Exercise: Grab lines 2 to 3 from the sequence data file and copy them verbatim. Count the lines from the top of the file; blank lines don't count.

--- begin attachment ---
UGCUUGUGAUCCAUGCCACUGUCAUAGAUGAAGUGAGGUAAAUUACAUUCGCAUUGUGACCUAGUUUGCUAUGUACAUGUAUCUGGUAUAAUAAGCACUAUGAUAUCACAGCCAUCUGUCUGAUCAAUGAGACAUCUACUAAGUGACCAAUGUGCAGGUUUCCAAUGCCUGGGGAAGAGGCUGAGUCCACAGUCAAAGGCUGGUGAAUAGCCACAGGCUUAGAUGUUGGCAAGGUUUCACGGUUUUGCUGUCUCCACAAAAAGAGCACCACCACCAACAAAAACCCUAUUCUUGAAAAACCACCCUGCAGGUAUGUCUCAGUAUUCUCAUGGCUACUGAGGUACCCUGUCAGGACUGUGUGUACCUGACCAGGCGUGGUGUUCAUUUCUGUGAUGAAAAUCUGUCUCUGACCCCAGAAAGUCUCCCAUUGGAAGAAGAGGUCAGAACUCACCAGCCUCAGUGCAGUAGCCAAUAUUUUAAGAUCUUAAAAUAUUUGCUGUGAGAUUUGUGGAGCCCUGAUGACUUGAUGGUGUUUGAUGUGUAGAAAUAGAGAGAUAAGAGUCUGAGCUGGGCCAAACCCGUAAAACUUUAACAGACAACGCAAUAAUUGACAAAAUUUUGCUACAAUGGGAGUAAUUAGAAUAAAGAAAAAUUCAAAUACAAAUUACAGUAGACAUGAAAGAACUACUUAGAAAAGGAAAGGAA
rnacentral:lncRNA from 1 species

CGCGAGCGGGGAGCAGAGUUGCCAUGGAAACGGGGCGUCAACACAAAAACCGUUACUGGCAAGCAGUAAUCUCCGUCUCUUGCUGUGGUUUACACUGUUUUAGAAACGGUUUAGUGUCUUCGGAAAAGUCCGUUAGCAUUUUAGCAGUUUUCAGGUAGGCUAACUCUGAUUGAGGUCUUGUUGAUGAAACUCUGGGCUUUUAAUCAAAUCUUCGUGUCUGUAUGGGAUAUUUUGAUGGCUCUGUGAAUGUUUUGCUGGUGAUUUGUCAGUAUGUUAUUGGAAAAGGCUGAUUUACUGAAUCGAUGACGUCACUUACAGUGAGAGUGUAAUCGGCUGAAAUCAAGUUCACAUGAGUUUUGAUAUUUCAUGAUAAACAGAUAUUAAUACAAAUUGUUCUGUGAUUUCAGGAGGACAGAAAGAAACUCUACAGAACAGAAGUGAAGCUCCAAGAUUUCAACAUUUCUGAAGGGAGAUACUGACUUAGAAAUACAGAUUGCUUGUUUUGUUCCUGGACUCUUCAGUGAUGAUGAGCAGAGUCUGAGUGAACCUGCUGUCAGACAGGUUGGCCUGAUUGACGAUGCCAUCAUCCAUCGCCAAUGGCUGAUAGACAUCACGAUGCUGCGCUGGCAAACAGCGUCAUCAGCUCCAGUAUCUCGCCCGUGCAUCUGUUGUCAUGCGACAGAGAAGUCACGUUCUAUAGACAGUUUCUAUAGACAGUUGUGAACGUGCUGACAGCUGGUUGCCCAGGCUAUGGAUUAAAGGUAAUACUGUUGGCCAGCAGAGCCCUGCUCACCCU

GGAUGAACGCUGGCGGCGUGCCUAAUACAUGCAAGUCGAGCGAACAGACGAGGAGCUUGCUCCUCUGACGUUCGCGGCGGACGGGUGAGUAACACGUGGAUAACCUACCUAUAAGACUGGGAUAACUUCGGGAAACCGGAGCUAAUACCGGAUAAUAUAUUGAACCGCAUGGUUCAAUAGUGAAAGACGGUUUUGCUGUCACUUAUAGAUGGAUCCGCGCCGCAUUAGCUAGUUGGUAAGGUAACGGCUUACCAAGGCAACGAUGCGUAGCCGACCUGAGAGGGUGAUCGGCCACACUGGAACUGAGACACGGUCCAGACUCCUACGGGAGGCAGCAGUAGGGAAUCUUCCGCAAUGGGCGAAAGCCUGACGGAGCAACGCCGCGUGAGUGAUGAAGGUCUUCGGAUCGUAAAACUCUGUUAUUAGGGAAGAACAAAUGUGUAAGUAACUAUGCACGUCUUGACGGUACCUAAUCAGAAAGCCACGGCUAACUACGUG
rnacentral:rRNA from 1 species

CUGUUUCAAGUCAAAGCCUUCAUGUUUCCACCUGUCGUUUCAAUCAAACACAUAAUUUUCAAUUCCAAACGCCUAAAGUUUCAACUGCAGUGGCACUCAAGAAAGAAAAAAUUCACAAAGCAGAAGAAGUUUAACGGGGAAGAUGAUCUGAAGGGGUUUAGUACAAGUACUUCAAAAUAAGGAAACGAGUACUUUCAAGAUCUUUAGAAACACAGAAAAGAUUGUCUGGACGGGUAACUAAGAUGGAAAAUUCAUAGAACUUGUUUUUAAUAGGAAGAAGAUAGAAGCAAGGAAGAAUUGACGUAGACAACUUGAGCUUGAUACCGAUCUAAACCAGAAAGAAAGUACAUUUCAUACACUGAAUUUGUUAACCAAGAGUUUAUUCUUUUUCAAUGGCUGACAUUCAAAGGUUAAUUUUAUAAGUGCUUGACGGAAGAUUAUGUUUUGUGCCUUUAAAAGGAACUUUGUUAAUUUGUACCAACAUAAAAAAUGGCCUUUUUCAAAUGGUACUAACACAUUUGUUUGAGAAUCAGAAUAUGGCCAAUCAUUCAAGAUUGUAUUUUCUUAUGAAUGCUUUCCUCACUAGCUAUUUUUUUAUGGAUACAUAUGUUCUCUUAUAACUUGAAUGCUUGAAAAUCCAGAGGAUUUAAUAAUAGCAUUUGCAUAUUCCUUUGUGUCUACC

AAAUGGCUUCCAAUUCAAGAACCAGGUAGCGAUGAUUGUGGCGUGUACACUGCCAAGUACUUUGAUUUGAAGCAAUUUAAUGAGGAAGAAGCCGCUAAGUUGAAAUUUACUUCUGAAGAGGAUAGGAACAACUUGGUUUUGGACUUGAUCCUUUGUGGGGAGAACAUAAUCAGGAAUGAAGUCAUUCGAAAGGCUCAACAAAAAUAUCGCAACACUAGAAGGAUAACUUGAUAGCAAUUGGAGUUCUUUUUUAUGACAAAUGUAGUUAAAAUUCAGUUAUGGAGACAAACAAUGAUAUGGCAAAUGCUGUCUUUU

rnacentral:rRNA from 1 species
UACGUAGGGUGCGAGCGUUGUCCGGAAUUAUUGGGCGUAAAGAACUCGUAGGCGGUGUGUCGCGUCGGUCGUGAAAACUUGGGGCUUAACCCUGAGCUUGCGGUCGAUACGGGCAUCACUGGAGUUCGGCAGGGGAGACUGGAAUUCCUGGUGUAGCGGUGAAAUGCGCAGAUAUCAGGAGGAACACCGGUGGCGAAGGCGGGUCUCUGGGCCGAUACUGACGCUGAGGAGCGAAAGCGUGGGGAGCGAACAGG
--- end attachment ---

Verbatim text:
rnacentral:lncRNA from 1 species

CGCGAGCGGGGAGCAGAGUUGCCAUGGAAACGGGGCGUCAACACAAAAACCGUUACUGGCAAGCAGUAAUCUCCGUCUCUUGCUGUGGUUUACACUGUUUUAGAAACGGUUUAGUGUCUUCGGAAAAGUCCGUUAGCAUUUUAGCAGUUUUCAGGUAGGCUAACUCUGAUUGAGGUCUUGUUGAUGAAACUCUGGGCUUUUAAUCAAAUCUUCGUGUCUGUAUGGGAUAUUUUGAUGGCUCUGUGAAUGUUUUGCUGGUGAUUUGUCAGUAUGUUAUUGGAAAAGGCUGAUUUACUGAAUCGAUGACGUCACUUACAGUGAGAGUGUAAUCGGCUGAAAUCAAGUUCACAUGAGUUUUGAUAUUUCAUGAUAAACAGAUAUUAAUACAAAUUGUUCUGUGAUUUCAGGAGGACAGAAAGAAACUCUACAGAACAGAAGUGAAGCUCCAAGAUUUCAACAUUUCUGAAGGGAGAUACUGACUUAGAAAUACAGAUUGCUUGUUUUGUUCCUGGACUCUUCAGUGAUGAUGAGCAGAGUCUGAGUGAACCUGCUGUCAGACAGGUUGGCCUGAUUGACGAUGCCAUCAUCCAUCGCCAAUGGCUGAUAGACAUCACGAUGCUGCGCUGGCAAACAGCGUCAUCAGCUCCAGUAUCUCGCCCGUGCAUCUGUUGUCAUGCGACAGAGAAGUCACGUUCUAUAGACAGUUUCUAUAGACAGUUGUGAACGUGCUGACAGCUGGUUGCCCAGGCUAUGGAUUAAAGGUAAUACUGUUGGCCAGCAGAGCCCUGCUCACCCU